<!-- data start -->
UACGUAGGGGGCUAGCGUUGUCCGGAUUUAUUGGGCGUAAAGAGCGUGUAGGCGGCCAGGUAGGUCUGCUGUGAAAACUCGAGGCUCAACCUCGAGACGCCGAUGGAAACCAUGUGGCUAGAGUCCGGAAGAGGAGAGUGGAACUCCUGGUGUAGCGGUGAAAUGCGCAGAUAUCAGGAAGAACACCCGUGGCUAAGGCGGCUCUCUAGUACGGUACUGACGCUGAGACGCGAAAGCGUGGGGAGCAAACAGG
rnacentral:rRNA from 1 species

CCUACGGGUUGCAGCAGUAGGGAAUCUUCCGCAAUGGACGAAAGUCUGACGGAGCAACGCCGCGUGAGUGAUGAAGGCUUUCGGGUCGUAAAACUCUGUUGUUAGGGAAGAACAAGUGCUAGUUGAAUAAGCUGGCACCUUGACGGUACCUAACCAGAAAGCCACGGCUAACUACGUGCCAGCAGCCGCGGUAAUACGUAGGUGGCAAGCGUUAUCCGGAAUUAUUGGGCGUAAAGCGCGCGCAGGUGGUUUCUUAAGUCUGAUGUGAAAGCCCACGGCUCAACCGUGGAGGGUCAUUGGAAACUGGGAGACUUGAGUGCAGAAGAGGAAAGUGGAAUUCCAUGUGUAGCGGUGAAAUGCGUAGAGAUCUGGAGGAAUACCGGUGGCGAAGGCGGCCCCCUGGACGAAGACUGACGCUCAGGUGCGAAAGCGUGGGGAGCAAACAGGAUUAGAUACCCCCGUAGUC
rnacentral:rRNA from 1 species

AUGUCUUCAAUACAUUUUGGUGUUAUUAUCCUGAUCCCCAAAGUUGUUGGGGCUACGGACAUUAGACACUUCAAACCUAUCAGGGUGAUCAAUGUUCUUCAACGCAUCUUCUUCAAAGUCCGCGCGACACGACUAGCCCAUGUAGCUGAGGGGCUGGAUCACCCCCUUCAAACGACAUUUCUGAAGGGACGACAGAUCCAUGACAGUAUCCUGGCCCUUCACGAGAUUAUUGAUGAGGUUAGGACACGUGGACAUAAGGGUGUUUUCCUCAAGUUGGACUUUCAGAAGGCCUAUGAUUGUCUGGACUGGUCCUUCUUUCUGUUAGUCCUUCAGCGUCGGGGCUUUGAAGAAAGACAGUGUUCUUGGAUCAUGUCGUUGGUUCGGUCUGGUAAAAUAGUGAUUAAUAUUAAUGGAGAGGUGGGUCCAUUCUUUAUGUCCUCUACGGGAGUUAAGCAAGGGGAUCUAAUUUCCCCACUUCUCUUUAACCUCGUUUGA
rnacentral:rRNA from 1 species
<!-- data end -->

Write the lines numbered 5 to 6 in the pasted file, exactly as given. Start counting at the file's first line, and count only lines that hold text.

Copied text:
AUGUCUUCAAUACAUUUUGGUGUUAUUAUCCUGAUCCCCAAAGUUGUUGGGGCUACGGACAUUAGACACUUCAAACCUAUCAGGGUGAUCAAUGUUCUUCAACGCAUCUUCUUCAAAGUCCGCGCGACACGACUAGCCCAUGUAGCUGAGGGGCUGGAUCACCCCCUUCAAACGACAUUUCUGAAGGGACGACAGAUCCAUGACAGUAUCCUGGCCCUUCACGAGAUUAUUGAUGAGGUUAGGACACGUGGACAUAAGGGUGUUUUCCUCAAGUUGGACUUUCAGAAGGCCUAUGAUUGUCUGGACUGGUCCUUCUUUCUGUUAGUCCUUCAGCGUCGGGGCUUUGAAGAAAGACAGUGUUCUUGGAUCAUGUCGUUGGUUCGGUCUGGUAAAAUAGUGAUUAAUAUUAAUGGAGAGGUGGGUCCAUUCUUUAUGUCCUCUACGGGAGUUAAGCAAGGGGAUCUAAUUUCCCCACUUCUCUUUAACCUCGUUUGA
rnacentral:rRNA from 1 species